September 16, 2019
 In Radicalization & Violent Extremism in Prisons

Country: Canada
Delegate Name: Cheyenne Panek

Although Canada realizes that our prison system is flawed. Considering Canada has had a rapid increase of murders and prison staff abuse within the last 3 years. With 60% of prison guards being subject to physical violence and our homicide rate being 20 times higher than Toronto. We have slowly started to transition to lower security prisons for more “non threatening” prisoners. Lowering the supervision of these prisoners has caused our rehabilitation rate to increase so Canada thinks we can work together to make a change.

Canada poses the following questions to the committee: “What standards does the UN system need to implement to identify radicalization and violence within prison systems?” “In what ways can countries train people in prisons (guards, wardens, support staff) to acknowledge when there is such extreme violence and radicalization going on?” “How do we implement standardized training that can be transferred from nation to nation if prison workers move to other countries?”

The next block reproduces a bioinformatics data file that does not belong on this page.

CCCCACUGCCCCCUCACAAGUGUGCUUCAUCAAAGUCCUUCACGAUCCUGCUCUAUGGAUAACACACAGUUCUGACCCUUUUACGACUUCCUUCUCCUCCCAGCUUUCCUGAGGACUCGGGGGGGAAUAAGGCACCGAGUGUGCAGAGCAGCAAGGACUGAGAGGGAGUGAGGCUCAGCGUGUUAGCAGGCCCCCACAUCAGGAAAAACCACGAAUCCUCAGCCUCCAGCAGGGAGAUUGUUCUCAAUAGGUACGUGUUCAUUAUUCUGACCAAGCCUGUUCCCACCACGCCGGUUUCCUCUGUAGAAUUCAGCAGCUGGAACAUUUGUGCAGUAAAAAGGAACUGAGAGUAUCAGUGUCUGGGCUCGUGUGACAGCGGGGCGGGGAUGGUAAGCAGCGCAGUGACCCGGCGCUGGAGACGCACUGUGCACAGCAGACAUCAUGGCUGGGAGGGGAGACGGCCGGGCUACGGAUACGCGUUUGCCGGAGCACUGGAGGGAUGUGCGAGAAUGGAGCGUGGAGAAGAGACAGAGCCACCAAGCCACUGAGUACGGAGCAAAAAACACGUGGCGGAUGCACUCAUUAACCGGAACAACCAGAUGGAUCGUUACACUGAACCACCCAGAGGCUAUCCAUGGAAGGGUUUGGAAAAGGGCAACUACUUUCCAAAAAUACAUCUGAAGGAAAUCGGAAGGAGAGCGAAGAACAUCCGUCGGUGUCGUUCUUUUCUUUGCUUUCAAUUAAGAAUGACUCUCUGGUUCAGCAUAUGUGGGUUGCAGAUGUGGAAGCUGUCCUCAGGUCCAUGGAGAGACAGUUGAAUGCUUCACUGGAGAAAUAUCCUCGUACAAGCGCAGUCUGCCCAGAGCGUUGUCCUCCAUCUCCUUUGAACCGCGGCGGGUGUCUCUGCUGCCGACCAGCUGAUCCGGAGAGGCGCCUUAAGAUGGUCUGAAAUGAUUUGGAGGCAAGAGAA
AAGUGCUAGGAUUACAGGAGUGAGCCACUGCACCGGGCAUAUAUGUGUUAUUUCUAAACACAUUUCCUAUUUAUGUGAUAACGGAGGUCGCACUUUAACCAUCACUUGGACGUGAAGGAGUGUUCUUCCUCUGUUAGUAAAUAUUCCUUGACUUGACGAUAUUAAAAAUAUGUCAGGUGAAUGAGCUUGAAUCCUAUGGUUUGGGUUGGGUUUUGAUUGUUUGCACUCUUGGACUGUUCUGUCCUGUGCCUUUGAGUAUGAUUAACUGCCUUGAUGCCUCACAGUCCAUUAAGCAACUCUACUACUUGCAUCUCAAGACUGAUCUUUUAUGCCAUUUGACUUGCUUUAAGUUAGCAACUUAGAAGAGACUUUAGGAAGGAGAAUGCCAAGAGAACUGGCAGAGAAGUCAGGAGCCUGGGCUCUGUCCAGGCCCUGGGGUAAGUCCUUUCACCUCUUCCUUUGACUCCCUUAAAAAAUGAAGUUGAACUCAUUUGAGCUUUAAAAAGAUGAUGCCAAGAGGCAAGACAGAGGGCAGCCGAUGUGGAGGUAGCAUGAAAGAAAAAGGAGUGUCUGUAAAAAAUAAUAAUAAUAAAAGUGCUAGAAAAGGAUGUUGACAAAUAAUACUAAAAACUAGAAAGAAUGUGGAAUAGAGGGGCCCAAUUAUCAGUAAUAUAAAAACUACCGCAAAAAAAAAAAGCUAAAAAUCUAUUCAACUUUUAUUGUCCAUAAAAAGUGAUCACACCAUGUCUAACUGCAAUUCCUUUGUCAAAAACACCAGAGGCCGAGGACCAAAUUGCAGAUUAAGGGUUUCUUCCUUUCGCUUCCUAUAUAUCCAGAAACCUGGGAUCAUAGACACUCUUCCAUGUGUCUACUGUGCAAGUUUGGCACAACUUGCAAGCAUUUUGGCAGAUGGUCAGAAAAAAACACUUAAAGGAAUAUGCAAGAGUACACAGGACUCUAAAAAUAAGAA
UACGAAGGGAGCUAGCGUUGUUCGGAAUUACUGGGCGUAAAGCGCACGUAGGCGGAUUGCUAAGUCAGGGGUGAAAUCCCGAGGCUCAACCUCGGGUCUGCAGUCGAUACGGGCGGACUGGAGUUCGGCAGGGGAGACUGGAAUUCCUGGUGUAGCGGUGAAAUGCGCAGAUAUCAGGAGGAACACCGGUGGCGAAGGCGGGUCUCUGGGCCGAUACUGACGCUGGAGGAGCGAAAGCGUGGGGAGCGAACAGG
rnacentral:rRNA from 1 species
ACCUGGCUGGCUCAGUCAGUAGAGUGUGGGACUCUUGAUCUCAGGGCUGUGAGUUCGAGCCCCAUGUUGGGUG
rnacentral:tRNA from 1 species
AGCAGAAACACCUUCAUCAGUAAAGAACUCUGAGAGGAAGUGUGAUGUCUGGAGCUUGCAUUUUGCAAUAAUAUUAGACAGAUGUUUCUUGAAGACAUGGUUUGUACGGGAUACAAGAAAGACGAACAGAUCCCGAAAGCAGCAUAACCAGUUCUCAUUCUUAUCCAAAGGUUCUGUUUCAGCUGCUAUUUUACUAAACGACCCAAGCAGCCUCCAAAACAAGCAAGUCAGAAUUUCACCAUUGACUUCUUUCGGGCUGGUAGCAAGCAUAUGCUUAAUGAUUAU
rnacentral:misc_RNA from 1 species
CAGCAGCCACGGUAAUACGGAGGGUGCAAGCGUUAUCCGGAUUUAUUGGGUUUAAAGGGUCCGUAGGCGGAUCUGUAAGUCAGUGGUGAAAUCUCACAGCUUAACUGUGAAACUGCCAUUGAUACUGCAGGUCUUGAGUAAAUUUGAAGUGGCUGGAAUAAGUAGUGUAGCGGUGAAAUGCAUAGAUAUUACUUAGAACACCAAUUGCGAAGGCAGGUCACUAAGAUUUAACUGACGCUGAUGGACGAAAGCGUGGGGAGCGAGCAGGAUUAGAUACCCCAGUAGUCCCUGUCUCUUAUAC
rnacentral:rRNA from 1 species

Canada and many other countries have already established many foundations and programs to help make the transition back into society easier. Specifically, these programs include: Friends of Returning Citizens, Prison Entrepreneurship Program, Community Bridge Fact Team, Delancey Street Foundation, Safer Foundation and The Last Mile. Many of these programs have been very useful in helping but Canada recognizes that these programs do not help everyone and there will always be one problem — money. What Canada proposes is that we not only create a worldwide program that is globally funded by anyone who can but also rewrite how we deal with prisons and prisoners. Make it like a place to keep the bad people contained and away from people they could harm and rehabilitate them. Make it more humane those people may be criminals but they are still humans.

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